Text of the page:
∑ Inspect the landing gear well for mouse intrusion potential. Any opening greater than about ľ" inch should be screened, shielded, or blocked to keep mice out. Mice will chew up seats, wires, and plumbing, can be a health hazard, can interfere with controls, and are generally corrosive. Do what you can to keep them out, but be careful that your mouse exclusion measures donít interfere with any primary or secondary structures or systems.
∑ For HP-18, make sure that the universal joint for the side stick P-P/torque tube is of the correct type as specified in this safety bulletin.
If the joint has a fixed rubber shield around its working parts, itís probably the correct one. If it is of the open type where you can see the yokes, spider, and pins, itís probably the suspect J-50 joint, and should be replaced.
∑ For HP-14, check the main wing fittings to make sure that they are not of the hermaphroditic Slingsby type as per this safety bulletin.
The Slingsby forgings are elegantly designed, nicely shaped, well machined, and almost certain to crack. I believe that all of the original Slingsby fittings have been removed from service, but you should check your ship at least at the first inspection. What you are looking for are big blocky fittings machined from aluminum bar stock, with three knuckles on one wing, and two on the other wing. Those are the good ones. The ones you donít want are elegantly curved, have three knuckles on all four fittings, and have steel bushings pressed into the main pin bores. Hereís a picture of a pair of the bad ones.
∑ For HP-18, carefully inspect the rod ends at the forward ends of the ruddervator P-P tubes. These are prone to abuse from slamming the stick to the full up or full down stops, and there have been one or two that popped open and shed the balls from the ball bearing unit. Fortunately, the design of the mechanism is such that the rod end will remain secure even if so damaged. For the retrofit center stick mechanism Iíve been selling for the HP-18, I have the installer replace the RE3M6-2N with a pair of spherical bearings that allow greater angles of misalignment. But the center stick also has good pitch input stops to protect the rod ends from excessive misaligmnent.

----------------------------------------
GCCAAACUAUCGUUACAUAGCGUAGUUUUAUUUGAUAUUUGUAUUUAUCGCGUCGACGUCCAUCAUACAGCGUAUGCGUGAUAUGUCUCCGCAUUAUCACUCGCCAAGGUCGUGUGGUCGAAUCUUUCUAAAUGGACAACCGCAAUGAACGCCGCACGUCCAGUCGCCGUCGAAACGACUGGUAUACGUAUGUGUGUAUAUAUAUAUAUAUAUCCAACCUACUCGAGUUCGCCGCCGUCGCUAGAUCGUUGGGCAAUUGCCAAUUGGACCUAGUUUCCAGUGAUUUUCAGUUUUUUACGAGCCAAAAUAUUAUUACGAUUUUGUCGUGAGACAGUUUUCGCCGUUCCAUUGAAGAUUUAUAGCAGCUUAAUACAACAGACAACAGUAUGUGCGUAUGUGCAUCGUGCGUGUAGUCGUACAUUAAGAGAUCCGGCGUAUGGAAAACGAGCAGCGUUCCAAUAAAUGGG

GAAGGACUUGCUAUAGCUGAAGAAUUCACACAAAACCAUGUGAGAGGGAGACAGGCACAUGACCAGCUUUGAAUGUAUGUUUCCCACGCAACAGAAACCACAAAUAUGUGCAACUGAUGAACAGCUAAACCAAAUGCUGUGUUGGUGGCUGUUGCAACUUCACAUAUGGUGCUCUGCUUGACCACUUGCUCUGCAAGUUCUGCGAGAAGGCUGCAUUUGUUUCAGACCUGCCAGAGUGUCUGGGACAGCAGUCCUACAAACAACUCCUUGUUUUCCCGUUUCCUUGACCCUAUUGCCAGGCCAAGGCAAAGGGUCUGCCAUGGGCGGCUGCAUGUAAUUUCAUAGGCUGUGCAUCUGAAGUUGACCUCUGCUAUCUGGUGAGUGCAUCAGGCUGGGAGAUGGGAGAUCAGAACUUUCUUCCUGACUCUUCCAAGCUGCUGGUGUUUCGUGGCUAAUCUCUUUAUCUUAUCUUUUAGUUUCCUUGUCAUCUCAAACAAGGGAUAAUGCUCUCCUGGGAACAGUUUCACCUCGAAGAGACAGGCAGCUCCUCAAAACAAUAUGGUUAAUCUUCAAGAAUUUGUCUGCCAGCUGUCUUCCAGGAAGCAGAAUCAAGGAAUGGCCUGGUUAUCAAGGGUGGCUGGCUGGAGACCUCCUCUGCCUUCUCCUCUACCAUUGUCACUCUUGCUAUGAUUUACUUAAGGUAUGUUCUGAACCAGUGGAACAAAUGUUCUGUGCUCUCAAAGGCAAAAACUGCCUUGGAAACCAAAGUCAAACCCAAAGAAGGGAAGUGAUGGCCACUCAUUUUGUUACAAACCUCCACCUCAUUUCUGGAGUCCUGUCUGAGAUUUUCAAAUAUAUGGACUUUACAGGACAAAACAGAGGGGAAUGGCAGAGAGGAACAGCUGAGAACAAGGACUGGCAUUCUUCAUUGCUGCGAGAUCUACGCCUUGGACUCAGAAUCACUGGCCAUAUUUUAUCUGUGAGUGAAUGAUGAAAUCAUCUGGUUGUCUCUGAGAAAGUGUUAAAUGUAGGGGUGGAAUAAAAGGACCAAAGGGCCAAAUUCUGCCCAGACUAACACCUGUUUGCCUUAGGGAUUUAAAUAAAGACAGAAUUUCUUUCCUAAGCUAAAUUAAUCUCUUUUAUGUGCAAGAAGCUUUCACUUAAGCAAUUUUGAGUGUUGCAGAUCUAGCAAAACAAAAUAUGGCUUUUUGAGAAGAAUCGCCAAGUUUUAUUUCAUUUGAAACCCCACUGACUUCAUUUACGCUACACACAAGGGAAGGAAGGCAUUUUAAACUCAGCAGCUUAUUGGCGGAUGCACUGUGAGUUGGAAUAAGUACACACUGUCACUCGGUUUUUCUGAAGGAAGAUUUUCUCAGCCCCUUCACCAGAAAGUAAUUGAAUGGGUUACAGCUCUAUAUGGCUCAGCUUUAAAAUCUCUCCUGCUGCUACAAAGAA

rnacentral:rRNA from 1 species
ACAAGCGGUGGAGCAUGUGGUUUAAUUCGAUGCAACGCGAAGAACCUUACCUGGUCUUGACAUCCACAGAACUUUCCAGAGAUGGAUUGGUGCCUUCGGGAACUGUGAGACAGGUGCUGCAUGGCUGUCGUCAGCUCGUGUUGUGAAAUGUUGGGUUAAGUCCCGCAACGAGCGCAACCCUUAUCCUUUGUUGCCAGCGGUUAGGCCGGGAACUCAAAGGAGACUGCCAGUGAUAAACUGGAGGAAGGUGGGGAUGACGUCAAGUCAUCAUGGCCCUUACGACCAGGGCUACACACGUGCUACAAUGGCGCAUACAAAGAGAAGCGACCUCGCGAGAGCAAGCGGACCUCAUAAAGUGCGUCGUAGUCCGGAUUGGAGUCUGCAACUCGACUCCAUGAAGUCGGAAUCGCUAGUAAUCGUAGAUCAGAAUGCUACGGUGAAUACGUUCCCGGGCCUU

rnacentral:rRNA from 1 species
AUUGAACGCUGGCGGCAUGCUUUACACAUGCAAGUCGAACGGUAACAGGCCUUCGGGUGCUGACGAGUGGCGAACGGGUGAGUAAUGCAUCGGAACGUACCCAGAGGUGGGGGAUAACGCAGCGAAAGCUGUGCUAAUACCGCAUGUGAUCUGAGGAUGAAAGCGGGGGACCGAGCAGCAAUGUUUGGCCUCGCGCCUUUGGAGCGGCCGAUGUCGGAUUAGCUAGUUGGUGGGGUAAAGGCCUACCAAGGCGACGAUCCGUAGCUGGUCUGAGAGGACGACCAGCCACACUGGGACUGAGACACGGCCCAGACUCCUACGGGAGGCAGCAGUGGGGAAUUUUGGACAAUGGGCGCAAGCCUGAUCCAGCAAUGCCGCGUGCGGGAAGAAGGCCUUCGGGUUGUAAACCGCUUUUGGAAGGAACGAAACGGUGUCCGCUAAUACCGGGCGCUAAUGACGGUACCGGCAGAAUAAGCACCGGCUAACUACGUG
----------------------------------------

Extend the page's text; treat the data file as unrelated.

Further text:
∑ While youíre at it, inspect all of the rod ends that you can get to; that should be every rod end in the ship except the ones buried in the wing at the inboard end of the aileron. For the most part, Dick used high-quality ball-bearing rod ends like the Fafnir RE3M6-2N. Iím pretty sure that Dick got a great deal on these through WWII surplus. But that means that now all of the rod ends in your aircraft are about 45 years old, and theyíve never been greased since they were manufactured. Fortunately, the original grease is extremely long-lasting stuff. But you should start to think about a program to remove, pressure-grease, and reinstall all of the rod ends. But again, thereís that issue about balance and doing no harm. Maybe keep it in mind for the annual next year.
∑ Check all of the rod end installations to make sure that there is adequate thread engagement between the rod end and whatever it is threaded into. I like to have things set up so that all of the rod ends have at least 6 threads of engagement, and preferably more like 8. When I first got my HP-18, some of the rod ends had as few as 3 threads of engagement, and that made me nervous (but not until I found out about it). Iíve heard that engineering studies of threaded joints show that most of the load is carried by the first thread and a half. That may be so, but I like to have a several-x safety factor for such joints.